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    Hi, for the equation y=ln(4-x) why doesnt the graph cross the negative x axis since +4 shifts the graph to the left. I first reflected the graph over the y axis. I found that you have to changethe equation to this : y=ln-(x-4) ... Why ?thanks
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    (Original post by coconut64)
    Hi, for the equation y=ln(4-x) why doesnt the graph cross the negative x axis since +4 shifts the graph to the left. I first reflected the graph over the y axis. I found that you have to changethe equation to this : y=ln-(x-4) ... Why ?thanks
    It's going to cross the x-axis at the solution of ln(4-x)=0.

    Also the transformations that take y=lnx to y=ln(4-x) are

    reflection in the y-axis
    translation to the right by 4
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    (Original post by RichE)
    It's going to cross the x-axis at the solution of ln(4-x)=0.

    Also the transformations that take y=lnx to y=ln(4-x) are

    reflection in the y-axis
    translation to the right by 4
    My question is why is the translation to the right not to the left as its +4 thanks
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    (Original post by coconut64)
    Hi, for the equation y=ln(4-x) why doesnt the graph cross the negative x axis since +4 shifts the graph to the left. I first reflected the graph over the y axis. I found that you have to changethe equation to this : y=ln-(x-4) ... Why ?thanks
    I asked this question last year,

    (Original post by notnek)
    Let's try that.

    Start with f(x) = \ln x

    "Reflect the graph in the y axis" - this is a transformation f(x)\rightarrow f(-x)

    f(-x) = \ln (-x)
    Call this new function g(x) then "shift the graph 4 units in the negative x direction"

    is a transformation g(x)\rightarrow g(x+4).g(x) = \ln (-x)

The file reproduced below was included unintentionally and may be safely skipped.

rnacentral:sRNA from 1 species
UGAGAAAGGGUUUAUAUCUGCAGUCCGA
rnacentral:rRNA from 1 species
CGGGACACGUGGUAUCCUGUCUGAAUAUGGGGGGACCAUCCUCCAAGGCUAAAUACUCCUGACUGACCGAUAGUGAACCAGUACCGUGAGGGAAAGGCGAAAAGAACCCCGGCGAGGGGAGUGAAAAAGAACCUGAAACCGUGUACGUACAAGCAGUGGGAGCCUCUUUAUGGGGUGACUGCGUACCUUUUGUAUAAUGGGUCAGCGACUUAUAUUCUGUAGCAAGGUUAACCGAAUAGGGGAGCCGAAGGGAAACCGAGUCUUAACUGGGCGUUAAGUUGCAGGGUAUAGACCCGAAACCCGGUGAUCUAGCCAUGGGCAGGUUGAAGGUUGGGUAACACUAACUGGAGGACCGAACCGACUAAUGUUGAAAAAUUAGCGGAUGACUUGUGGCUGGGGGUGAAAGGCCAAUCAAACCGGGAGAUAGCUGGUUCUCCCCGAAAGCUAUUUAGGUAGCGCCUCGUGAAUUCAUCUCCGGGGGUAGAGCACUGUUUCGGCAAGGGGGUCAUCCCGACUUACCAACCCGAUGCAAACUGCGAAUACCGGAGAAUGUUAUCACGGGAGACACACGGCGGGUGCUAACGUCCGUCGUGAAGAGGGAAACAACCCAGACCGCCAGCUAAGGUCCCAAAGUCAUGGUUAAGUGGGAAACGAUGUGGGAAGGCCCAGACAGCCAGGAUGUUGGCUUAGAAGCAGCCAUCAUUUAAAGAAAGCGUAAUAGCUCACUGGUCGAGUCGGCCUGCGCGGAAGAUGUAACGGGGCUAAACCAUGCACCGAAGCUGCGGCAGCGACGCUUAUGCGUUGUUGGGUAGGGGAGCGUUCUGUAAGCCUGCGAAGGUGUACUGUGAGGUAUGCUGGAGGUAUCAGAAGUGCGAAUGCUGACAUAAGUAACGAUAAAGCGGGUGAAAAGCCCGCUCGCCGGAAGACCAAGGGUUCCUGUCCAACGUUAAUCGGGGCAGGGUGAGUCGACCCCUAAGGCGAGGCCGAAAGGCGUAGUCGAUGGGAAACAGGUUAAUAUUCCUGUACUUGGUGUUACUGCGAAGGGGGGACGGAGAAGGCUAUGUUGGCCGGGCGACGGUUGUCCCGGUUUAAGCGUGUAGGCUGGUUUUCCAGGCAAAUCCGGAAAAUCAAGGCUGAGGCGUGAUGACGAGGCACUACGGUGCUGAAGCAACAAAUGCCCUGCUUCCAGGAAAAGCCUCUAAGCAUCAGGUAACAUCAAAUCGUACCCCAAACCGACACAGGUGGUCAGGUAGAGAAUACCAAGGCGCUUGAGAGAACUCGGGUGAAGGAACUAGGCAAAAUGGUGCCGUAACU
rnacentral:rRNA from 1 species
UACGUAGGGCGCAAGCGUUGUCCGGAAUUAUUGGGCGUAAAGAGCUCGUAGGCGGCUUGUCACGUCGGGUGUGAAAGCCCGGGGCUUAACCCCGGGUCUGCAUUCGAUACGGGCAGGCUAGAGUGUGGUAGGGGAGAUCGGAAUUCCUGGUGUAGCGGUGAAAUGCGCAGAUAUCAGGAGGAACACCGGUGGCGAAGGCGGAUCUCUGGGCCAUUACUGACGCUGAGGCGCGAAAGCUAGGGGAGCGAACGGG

g(x+4) = \ln -(x+4) = \ln (-x -4)

    Can you see your mistake?
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    (Original post by NotNotBatman)
    I asked this question last year,
    The last part is the bit i dont get. How does it go from g(x+4) to g-(x+4) thanks
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    (Original post by coconut64)
    My question is why is the translation to the right not to the left as its +4 thanks
    reflection in the y-axis takes it to y=ln(-x)

    Translation to the right by 4 takes it to y = ln(-(x-4)) = ln(4-x)
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    (Original post by coconut64)
    The last part is the bit i dont get. How does it go from g(x+4) to g-(x+4) thanks
    It's g[-(x+4)] = g(-x-4)

    When you multiply by -1, you have to do it to the whole quantity in the bracket.
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    (Original post by NotNotBatman)
    It's g[-(x+4)] = g(-x-4)

    When you multiply by -1, you have to do it to the whole quantity in the bracket.
    Why dovyou multiply it by -1?
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    (Original post by coconut64)
    Why dovyou multiply it by -1?
    After the reflection you shifted the graph 4 units to the left, so replace any x with an x+4, so f(-x) becomes f(-(x+4)) which is wrong.
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    You can do the transformations in which ever order you're most comfortable with but depending on which one you do first the second transformation may be different in each case, you can either see it as a translation by vector (-4 0) followed by a reflection in the y axis OR you can say it is a reflection in the y axis followed by a translation by vector (4 0). Notice that the translations in each case are not the same.
    Either of these are correct.